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Green Dentistry: A Guide for Dentists and Patients

Tree branches

Dr. Saurabh Lall
Specialist – Periodontics & Implantology
Clinical Analyst, CEO’s Office, Clove Dental

If you’ve ever sat in the dentist’s chair and wondered where all the latex gloves, chemicals and x-ray films end up or stopped to consider how much water and electricity the office uses, you aren’t alone. Some dentists are starting to take off their protective eyewear and see the bigger picture.

Green certainly seems to be a buzzword right now, doesn’t it? Whether it’s automobiles or apples, seemingly everything has a “green” or “organic” connotation. So you must be asking yourself, “What does it mean to be green?”

How to be green?

One of the foremost goals of pollution prevention is to reduce or eliminate the use of toxic substances at the source itself. Regarding the use of materials other than silver and mercury-bearing amalgams – dental professionals are encouraged to follow the development of new dental materials that do not contain mercury. The clinic’s water should be filtered, as the filtering process diminishes calcium and other deposits, thereby increasing the longevity of the instruments and reducing the need for maintenance.

Green dentistry means re-thinking dental processes and procedures, office administration and marketing, and office design and construction, using the tenets of green dentistry as a guide.

Re-thinking doesn’t always mean we have an answer. Gloves, for instance. Currently, there’s no great solution for reducing the waste of used gloves. But that doesn’t mean it isn’t worth re-thinking. Perhaps you can find gloves in a recycled box. Or maybe you can order gloves in bulk to cut down on transportation pollution.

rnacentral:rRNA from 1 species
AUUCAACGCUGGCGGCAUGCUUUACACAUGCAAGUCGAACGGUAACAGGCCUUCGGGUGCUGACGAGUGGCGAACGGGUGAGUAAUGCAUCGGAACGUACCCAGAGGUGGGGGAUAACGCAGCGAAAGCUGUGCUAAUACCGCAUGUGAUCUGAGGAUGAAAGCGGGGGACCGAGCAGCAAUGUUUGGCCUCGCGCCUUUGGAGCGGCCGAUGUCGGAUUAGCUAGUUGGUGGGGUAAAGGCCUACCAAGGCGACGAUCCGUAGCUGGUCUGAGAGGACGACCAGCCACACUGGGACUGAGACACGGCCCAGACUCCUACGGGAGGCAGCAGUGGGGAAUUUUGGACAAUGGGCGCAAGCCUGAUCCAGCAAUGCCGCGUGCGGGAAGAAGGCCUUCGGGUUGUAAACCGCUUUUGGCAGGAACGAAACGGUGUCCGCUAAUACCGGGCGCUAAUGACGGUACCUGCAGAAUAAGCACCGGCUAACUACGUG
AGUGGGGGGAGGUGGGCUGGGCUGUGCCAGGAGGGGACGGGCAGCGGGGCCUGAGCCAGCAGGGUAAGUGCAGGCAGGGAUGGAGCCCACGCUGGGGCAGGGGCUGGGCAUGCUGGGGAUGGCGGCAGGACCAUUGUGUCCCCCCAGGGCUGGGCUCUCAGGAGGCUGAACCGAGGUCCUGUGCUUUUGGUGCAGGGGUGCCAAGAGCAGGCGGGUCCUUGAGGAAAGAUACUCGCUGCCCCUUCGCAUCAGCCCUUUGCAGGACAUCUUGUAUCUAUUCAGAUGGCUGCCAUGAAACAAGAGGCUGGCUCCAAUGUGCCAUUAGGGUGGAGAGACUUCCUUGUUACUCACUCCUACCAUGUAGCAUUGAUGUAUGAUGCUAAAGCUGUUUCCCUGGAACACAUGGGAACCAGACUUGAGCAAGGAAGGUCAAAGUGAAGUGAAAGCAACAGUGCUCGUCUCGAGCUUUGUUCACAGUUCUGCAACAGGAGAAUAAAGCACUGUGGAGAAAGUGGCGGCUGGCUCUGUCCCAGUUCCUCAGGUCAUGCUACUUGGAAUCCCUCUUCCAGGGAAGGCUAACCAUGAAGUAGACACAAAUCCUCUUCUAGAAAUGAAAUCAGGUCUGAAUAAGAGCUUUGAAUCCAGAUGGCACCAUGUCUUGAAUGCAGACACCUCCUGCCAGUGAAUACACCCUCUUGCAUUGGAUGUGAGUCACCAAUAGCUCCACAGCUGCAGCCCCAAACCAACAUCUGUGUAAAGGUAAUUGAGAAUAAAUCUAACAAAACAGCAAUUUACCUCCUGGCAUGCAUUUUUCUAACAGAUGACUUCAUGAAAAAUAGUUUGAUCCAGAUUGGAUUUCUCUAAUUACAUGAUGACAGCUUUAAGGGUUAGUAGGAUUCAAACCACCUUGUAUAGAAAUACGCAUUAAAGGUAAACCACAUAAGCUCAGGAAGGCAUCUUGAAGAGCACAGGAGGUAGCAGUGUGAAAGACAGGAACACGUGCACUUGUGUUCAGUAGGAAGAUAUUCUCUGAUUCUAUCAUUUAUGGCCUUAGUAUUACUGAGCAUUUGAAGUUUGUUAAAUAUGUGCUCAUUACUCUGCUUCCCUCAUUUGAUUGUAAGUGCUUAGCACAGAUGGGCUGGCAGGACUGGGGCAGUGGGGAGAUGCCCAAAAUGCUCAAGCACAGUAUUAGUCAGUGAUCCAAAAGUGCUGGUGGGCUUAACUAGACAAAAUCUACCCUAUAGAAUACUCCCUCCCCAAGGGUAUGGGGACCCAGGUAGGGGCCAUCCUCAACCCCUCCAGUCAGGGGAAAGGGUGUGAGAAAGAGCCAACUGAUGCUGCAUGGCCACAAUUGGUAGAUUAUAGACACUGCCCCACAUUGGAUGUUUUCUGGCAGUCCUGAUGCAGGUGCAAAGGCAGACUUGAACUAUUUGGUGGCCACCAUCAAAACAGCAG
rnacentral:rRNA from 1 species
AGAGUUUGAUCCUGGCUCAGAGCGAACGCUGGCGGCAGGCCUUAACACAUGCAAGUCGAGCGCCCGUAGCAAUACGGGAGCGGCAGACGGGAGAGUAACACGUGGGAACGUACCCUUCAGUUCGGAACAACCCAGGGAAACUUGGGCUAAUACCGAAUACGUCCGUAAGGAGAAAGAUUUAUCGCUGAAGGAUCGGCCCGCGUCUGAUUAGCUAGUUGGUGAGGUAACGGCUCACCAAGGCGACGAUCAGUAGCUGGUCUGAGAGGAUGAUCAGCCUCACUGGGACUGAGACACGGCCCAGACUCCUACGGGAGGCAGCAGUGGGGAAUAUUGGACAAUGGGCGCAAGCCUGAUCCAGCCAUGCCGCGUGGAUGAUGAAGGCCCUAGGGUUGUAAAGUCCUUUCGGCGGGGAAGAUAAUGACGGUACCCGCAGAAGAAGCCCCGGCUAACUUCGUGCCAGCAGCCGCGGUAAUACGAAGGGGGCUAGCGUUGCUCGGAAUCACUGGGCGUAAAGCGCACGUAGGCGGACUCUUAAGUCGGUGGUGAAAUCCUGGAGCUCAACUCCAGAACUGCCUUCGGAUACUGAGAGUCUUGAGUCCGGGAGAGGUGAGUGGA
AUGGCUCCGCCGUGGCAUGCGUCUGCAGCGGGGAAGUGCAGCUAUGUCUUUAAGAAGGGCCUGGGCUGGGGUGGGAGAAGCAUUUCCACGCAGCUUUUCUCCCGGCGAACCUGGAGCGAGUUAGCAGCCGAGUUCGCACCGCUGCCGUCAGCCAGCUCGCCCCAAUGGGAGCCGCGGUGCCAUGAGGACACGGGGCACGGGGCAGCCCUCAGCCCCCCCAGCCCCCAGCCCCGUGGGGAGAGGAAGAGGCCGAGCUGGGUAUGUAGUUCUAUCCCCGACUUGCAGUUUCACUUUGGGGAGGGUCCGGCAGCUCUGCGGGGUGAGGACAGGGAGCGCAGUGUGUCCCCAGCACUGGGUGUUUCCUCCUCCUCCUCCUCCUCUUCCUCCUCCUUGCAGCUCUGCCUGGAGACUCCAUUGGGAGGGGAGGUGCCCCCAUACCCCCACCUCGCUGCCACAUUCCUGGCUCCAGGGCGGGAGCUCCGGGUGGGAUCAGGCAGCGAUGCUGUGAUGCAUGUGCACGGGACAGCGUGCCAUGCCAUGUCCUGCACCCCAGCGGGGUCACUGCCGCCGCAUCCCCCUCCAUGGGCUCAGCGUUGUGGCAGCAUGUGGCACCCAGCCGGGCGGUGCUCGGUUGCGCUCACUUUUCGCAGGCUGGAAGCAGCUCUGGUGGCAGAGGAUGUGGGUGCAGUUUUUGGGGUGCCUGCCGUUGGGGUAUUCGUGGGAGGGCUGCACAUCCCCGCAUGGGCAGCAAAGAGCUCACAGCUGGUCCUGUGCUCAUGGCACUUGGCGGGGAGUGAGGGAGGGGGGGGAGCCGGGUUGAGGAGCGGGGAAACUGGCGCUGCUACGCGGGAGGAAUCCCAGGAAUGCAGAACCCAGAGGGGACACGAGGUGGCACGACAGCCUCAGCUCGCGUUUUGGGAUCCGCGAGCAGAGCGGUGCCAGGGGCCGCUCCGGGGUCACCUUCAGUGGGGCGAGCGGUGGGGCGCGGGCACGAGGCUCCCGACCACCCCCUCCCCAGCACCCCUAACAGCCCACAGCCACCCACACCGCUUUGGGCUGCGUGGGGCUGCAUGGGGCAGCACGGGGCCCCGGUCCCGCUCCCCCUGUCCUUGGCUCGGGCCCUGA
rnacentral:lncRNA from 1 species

Re-thinking also doesn’t mean there’s only one answer. It helps to think of going green as a continuum – light green to dark green. What’s most important is to choose the green option that you’ll do consistently. Impression trays are a great example of your choices on a green continuum. A plastic impression tray is made of petroleum. It uses a lot of energy to create, only to be used once. Even more energy is used to ship it to the landfill, where it piles high with other trash a problem for the next generation to solve. The light green option is a compostable impression tray. These are made from corn instead of petroleum, and while still only used one time, the material is designed to decompose in landfill. Further along the continuum is the stainless steel impression tray. It can be sterilized and used many times, and ultimately recycled into a new purpose, making it the least wasteful, least polluting option.

How can the patient help?
Patients can also do their bit to help save the environment. Ideas to help out include turning off the taps when washing your hands, sharing lifts to or from the dentist or using public transport (where possible) and recycling waste. The drive for greener dentistry is still in its infancy so there is no doubt that more improvement is needed & we along with our patients and office staff need to be a part of the movement.

Let your patients know that you are “going Green!” and ask them to contribute to your movement. School and college-going kids would respond more enthusiastically to you.

You may put a bunch of flyers in your waiting hall about what you do to “go Green!” and what your patients can do to help.

Share the “Save 90 A Day!” campaign with your patients, encouraging them to turn off the water while they brush their teeth, saving as much as 90 glasses of water per day.